Bannon reaction: Worry, ambivalence
Faso sidesteps issue; downstate counterpart ‘profoundly concerned’
A Lower Hudson Valley congresswoman says she is “profoundly concerned” by Presidentelect Donald Trump’s appointment of a man celebrated by the white nationalist movement to be chief strategist and senior adviser. But the Mid-Hudson region’s congressman-elect says he doesn’t “have any reaction” to the move.
“This is a tenuous time in our country following a historic election that split the popular vote from the Electoral College,” Rep. Nita Lowey, a Westchester County Democrat, said in a prepared statement. “If President-elect Trump wants to fulfill his promise of being a leader for all Americans, he must refrain from dividing us any further. That is why I am profoundly concerned that one of the president-elect’s first appointments is Steve Bannon, a well-known supporter of alt-right, extremist ideology including white nationalism and anti-Semitism.
“In the last week, we’ve already seen reports of rising vandalism and intimidation across the country, including swastikas graffitied on schools and sidewalks — even in my own district on the Bronx River bike path,” said Lowey, who is Jewish. She said such behavior is “unacceptable [and] it must be universally denounced and stopped.”
John Faso, who was elected last week to succeed retiring Rep. Chris Gibson in New York’s 19th Congressional District, said Tuesday that his focus has been on becoming familiar with the job of congressman, not
Trump’s appointment of Bannon or others.
“I haven’t focused on any of that,” said Faso, a Columbia County Republican, reached by phone during an orientation session for incoming members of the House. “Frankly, I’ve been completely focused on doing my orientation. So I don’t have any reaction to it.”
Asked if he was familiar with Bannon, Faso said: “Barely.”
“I don’t know what the truth or falsity is of any of the allegations, whether that truly reflects his view point or point of view,” Faso said. “I just don’t have a basis on which I can give you an informed comment.”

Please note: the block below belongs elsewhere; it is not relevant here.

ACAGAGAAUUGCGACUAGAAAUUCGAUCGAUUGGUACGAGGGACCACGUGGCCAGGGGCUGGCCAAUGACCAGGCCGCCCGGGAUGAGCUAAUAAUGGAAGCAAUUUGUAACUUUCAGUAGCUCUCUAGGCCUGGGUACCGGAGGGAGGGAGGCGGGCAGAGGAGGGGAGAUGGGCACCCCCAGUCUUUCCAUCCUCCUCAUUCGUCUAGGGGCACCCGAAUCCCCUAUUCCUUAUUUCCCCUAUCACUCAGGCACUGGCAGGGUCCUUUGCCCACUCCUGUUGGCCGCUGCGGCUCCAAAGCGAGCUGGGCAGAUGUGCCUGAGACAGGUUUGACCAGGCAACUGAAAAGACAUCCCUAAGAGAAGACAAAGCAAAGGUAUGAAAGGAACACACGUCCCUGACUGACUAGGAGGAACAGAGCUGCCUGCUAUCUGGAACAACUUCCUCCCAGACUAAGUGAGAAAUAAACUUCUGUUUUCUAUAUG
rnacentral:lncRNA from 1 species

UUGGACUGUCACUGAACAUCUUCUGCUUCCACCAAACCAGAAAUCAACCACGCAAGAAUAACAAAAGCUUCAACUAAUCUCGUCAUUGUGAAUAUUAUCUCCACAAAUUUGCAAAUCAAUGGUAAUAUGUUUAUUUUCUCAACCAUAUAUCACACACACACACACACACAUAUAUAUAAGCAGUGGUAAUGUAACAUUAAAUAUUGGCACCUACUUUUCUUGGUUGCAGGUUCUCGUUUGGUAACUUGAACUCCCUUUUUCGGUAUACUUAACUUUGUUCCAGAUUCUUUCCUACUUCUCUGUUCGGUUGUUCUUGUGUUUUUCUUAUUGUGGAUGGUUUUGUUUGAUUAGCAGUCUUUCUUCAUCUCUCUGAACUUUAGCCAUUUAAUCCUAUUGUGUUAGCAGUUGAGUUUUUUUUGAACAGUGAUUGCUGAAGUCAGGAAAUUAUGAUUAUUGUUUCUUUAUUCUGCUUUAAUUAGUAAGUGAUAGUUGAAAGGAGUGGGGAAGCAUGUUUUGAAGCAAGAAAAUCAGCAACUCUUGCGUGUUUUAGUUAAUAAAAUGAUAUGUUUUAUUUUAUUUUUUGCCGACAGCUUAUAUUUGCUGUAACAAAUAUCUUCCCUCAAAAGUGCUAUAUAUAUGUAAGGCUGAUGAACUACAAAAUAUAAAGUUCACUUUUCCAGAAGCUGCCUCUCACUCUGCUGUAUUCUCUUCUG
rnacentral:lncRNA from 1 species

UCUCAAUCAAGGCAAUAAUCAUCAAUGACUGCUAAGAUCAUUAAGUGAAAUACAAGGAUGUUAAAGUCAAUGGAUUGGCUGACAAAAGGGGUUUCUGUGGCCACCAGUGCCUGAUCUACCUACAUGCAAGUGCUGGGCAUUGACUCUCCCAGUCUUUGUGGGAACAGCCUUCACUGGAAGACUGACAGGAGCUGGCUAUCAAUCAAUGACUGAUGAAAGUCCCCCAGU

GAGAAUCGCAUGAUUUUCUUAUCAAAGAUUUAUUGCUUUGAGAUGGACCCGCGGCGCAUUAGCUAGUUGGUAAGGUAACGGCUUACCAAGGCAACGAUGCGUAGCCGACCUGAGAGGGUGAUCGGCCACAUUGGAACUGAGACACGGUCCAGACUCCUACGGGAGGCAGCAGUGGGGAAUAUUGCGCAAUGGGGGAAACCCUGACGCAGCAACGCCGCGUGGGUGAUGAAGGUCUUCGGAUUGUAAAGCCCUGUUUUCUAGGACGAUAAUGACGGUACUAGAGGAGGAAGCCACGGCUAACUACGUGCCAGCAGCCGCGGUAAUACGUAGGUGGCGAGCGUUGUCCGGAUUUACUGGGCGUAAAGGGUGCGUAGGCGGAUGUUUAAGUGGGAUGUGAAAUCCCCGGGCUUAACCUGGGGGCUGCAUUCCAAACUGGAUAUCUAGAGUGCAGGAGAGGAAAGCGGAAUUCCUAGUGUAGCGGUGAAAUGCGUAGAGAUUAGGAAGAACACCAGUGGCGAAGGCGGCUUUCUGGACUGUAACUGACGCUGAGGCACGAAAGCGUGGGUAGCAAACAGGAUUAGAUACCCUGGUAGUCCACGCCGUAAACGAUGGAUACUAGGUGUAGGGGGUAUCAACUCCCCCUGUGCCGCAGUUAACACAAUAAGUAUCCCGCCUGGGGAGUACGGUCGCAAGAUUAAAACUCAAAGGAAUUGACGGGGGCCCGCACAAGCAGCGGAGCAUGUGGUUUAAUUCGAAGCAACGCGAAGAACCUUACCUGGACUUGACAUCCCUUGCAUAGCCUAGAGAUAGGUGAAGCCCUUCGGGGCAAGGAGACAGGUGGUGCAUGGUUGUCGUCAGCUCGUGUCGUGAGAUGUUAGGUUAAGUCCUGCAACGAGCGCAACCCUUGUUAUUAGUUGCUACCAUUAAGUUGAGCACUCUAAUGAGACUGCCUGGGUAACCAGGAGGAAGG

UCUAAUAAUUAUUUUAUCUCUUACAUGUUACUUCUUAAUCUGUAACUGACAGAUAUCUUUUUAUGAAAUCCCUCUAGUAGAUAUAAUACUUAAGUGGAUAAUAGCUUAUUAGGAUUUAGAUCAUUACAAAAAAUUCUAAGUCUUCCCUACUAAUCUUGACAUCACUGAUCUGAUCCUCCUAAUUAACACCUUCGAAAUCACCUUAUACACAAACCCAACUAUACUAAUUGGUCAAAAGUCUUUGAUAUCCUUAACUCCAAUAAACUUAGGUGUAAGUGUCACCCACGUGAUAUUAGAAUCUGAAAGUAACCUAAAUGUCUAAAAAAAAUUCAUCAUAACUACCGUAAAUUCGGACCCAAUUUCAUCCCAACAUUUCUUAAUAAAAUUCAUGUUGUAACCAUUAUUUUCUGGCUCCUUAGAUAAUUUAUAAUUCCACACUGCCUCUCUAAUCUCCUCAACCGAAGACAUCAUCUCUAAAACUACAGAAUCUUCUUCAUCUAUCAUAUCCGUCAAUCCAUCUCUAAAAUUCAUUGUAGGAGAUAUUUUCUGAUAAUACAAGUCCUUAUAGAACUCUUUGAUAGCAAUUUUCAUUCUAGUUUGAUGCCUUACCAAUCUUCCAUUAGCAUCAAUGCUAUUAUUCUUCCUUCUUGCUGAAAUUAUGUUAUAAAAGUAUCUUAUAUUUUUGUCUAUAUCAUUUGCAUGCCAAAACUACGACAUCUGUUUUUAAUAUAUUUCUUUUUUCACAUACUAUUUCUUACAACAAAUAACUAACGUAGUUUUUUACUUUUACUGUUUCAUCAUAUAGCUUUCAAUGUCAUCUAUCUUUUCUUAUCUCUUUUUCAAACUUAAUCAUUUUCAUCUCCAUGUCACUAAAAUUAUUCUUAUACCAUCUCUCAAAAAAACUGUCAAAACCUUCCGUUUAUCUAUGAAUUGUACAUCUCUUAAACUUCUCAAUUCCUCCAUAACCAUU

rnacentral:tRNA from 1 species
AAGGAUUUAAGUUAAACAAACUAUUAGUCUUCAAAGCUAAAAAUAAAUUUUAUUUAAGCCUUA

Bannon led the rightwing news website Breitbart.com before joining Trump’s campaign in August. Under Bannon’s tenure, Brietbart pushed a nationalist agenda and became one of the leading outlets of the so-called alt-right — a movement often associated with white supremacist ideas that oppose multiculturalism and defend “Western values.”
Senate Democratic leader Harry Reid on Tuesday called for Trump to rescind Bannon’s appointment.
“As long as a champion of racial division is a step away from the Oval Office, it would be impossible to take Trump’s efforts to heal the nation seriously,” Reid said.
After joining Trump’s team, Bannon pushed the Republican nominee to adopt more populist rhetoric and paint rival Hillary Clinton as part of a global conspiracy made up of the political, financial and media elite, bankers bent on oppressing the country’s working people — a message that carried Trump to the White House but, to some, carried
Lowey said she hopes Trump “recognize that words matter” and that he does “everything in his power to combat antiSemitism, intolerance and bigotry, including replacing Bannon with a qualified candidate.”
An ex-wife of Bannon said he expressed fear of Jews when the two battled over sending their daughters to private school nearly a decade ago, according to court papers. In a sworn court declaration following their divorce, Mary Louise Piccard said her ex-husband had objected to sending their twin daughters to an elite Los Angeles academy because he “didn’t want the girls going to school with Jews.”
A spokeswoman for Bannon denies he made those statements.
Faso noted that President Barack Obama said last week that “the president, any president, gets to pick the staff that he or she wants.”
“We let governors and executives and mayors and presidents pick their leadership staffs that they choose because that’s their prerogative,” Faso said.
Faso last month declined to say whether he would vote for Trump in the wake of a decadeold recording surfacing in which Trump said his celebrity gave him the power to grab women’s genitals without their consent.
But, he said, “these are the kind of things that, if I had a 9-year-old daughter today, I’d be shielding that kind of newspaper story from her view. It’s the kind of thing that parents don’t want to have in front of their kids.”
Mid-Hudson News Network, The Associated Press and correspondent William J. Kemble contributed to this report.
Stephen Bannon, center, leaves Trump Tower in New York City last Friday.